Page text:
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International Socialism, Spring 1967


Ian Macdonald

Islington Tenants


From The Notebook, International Socialism (1st series), No.28, Spring 1967, p.4.
Transcribed & marked up by Einde O’Callaghan for ETOL.


Ian Macdonald writes: Tenants’ work in Islington has been concentrated on two fronts, private tenants in multi-occupied terrace houses, and Council tenants on estates run by the Greater London Council (GLC). An attempt about a year ago to form a united committee of all tenants’ associations in the Borough, with trade-union participation, collapsed. Islington Borough Council tenants moved off and formed an alliance with the Ratepayers’ Association (controlled by one Lomas, who calls himself a New Liberal, but, as a small businessman, anti-trade union and racialist, is probably closer to fascism). Other tenants’ associations preferred to remain in isolation, fighting to have the crumbling Victorian tenement blocks in which they live taken over by the local authority and demolished. One of these is the Poplar Street TA (its Secretary, Harry Symon, claims he can sit on his lavatory and fry an egg on his cooker). The other, Beaconsfield Buildings TA, has, after many marches and protests, achieved a large degree of tenants’ control in their block, known locally as ‘the Crumbles.’ The GLC has now bought it and families are being moved out and rehoused in accordance with the priorities laid down by the TA.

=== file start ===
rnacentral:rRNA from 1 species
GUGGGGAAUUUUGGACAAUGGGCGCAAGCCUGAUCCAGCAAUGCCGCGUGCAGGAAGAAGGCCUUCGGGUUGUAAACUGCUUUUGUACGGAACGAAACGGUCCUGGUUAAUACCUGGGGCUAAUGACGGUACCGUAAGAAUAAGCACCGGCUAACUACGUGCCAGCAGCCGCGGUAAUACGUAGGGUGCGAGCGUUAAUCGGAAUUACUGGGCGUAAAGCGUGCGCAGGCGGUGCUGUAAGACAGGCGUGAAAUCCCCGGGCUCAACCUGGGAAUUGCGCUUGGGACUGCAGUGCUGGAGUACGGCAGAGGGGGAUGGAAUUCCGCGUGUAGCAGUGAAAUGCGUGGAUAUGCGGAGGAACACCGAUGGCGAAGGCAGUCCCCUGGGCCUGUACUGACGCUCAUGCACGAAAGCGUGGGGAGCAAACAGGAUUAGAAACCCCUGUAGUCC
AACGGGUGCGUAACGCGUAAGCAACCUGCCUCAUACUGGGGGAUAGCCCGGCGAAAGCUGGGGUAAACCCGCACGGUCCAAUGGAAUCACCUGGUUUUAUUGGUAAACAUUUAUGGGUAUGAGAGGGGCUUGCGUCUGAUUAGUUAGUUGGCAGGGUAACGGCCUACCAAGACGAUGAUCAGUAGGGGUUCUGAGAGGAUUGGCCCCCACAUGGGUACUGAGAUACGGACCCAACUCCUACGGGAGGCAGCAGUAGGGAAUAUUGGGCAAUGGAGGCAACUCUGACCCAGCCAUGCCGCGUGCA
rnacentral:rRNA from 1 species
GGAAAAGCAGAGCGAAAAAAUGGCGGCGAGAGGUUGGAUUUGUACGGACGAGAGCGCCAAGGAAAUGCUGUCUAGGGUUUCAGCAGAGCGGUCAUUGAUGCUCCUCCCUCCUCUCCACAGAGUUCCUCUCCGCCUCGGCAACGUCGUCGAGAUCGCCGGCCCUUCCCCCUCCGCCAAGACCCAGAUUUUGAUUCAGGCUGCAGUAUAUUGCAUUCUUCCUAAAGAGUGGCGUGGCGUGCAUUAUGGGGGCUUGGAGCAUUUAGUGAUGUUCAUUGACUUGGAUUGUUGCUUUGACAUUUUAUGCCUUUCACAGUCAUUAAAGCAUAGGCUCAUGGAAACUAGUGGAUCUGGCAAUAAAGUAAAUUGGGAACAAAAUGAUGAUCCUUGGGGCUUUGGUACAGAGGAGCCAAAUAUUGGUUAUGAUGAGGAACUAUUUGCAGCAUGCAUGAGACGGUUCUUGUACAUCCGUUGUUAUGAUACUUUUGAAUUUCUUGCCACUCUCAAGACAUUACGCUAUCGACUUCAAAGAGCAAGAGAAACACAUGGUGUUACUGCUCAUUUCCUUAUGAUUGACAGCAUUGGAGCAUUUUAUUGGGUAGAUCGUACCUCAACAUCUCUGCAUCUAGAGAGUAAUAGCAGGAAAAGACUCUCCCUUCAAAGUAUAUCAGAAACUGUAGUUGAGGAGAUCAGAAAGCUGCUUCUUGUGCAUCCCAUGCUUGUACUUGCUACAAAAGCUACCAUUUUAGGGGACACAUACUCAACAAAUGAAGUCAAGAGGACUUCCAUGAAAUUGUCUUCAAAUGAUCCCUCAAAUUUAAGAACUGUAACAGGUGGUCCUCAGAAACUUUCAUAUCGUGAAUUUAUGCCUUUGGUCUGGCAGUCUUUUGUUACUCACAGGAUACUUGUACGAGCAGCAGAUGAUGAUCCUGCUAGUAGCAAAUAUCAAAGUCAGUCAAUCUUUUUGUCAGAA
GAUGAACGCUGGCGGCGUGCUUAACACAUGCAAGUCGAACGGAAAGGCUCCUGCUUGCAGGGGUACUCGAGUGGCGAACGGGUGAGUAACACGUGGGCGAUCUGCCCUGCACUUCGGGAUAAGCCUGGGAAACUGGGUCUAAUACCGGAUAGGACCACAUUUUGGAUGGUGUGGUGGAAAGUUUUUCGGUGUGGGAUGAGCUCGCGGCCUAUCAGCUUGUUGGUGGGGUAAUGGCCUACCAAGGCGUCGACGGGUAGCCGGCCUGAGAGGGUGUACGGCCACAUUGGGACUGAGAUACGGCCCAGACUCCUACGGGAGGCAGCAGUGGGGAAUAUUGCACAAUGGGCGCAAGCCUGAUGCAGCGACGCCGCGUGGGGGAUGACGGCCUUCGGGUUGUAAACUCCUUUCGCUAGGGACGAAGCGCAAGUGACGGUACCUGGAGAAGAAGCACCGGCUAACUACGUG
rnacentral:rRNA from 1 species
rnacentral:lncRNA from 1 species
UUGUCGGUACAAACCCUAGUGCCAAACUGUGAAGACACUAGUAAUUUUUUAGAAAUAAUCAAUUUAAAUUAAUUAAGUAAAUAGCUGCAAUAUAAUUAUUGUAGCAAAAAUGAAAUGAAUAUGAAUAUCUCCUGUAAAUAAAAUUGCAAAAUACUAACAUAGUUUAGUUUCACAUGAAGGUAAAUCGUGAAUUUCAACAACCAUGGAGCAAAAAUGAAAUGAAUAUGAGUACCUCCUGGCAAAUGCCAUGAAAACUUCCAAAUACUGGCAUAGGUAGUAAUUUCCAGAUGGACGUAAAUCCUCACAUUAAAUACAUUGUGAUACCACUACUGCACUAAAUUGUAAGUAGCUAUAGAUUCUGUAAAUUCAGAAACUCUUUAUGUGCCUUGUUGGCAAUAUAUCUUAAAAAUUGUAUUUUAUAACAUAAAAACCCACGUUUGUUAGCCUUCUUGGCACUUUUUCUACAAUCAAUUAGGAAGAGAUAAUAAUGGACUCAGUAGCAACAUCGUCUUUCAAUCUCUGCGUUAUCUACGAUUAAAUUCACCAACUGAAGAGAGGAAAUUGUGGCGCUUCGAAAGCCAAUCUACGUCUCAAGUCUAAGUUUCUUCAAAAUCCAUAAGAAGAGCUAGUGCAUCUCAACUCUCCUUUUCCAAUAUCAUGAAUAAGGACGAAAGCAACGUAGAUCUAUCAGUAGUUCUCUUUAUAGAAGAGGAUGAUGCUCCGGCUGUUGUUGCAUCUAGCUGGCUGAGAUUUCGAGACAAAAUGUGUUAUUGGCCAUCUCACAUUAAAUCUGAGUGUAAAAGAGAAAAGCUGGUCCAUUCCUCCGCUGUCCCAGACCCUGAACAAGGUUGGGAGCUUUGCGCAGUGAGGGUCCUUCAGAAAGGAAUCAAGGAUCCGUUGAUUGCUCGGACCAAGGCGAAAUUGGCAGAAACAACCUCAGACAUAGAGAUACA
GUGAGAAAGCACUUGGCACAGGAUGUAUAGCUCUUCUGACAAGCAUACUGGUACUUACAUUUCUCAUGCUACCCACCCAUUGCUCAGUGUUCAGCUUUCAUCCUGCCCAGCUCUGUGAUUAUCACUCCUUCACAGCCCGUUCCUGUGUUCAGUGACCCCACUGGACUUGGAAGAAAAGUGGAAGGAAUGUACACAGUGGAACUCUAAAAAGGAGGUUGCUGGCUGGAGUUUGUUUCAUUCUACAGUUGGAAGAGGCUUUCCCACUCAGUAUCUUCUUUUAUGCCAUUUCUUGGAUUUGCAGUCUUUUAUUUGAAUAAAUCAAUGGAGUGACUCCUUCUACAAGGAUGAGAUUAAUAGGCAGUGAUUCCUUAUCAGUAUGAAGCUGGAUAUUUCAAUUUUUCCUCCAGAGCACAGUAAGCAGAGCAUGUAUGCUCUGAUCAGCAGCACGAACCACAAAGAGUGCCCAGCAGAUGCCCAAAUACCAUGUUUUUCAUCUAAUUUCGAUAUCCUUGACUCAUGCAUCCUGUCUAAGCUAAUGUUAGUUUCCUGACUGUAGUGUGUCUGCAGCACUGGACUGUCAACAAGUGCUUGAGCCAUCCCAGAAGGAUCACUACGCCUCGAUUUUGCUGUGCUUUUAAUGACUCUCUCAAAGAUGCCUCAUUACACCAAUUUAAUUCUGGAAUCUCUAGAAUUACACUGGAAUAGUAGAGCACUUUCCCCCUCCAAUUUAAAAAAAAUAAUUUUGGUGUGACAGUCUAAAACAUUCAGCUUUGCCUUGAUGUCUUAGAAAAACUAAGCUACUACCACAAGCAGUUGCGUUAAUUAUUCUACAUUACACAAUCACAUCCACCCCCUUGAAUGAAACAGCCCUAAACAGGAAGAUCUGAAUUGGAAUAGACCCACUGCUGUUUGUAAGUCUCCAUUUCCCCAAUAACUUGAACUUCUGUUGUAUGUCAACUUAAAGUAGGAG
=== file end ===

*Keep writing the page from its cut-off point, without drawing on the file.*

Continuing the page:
IS members have been trying to plug the gaps and organise where little or no organisation has previously existed. On the private tenants’ side, the main activity has been through the Campaign Against Racial Discrimination (CARD), a branch of which was formed in Islington about 15 months ago. Among private tenants in multi-occupied premises and particularly among coloured tenants, high rents and very bad conditions are almost universal. Until the passing of the 1965 Rent Act, slum landlords had a free run. Any tenants who protested were out on the street. Some landlords still try these tactics, and the legacy of a deeply entrenched fear still remains with a majority of tenants. Nevertheless, the Rent Act has, on the whole, enabled tenants to organise and to fight back with the law on their side.

The CARD campaign concentrated on organising the tenants of one particular landlord (De Lusignan, owner of some 25 houses in north London, achieved temporary fame by calling her tenants ‘Rubbish People’) around two issues: rent and conditions. The rent campaign was successful and rents have been cut generally, both for furnished and unfurnished tenancies. The fight against bad conditions failed. It is true that some minor patchwork repairs have been carried out, but Councils, Islington included, still refuse to requisition De Lusignan houses by making five year control orders as asked. All the Council seems to do is open some 30 new files and send health officials scurrying round the Borough telling tenants that the conditions they live in are not so bad and the Council is doing everything in its power. This Cathy Come Home attitude of officials is scrupulously observed in Islington.

The activity on GLC Council estates in Islington is only just beginning. GLC tenants face rent rises both in January and October 1967. This is the issue around which it is hoped that tenants can be organised. But there is also a fight against the bureaucratic control of the Housing Manager at County Hall. In addition, there is the problem created by the alliance of the Islington Borough Council tenants and the semi-fascists. The break with the semi-fascists can only come when there exist rival tenants’ organisations with a real popular base.

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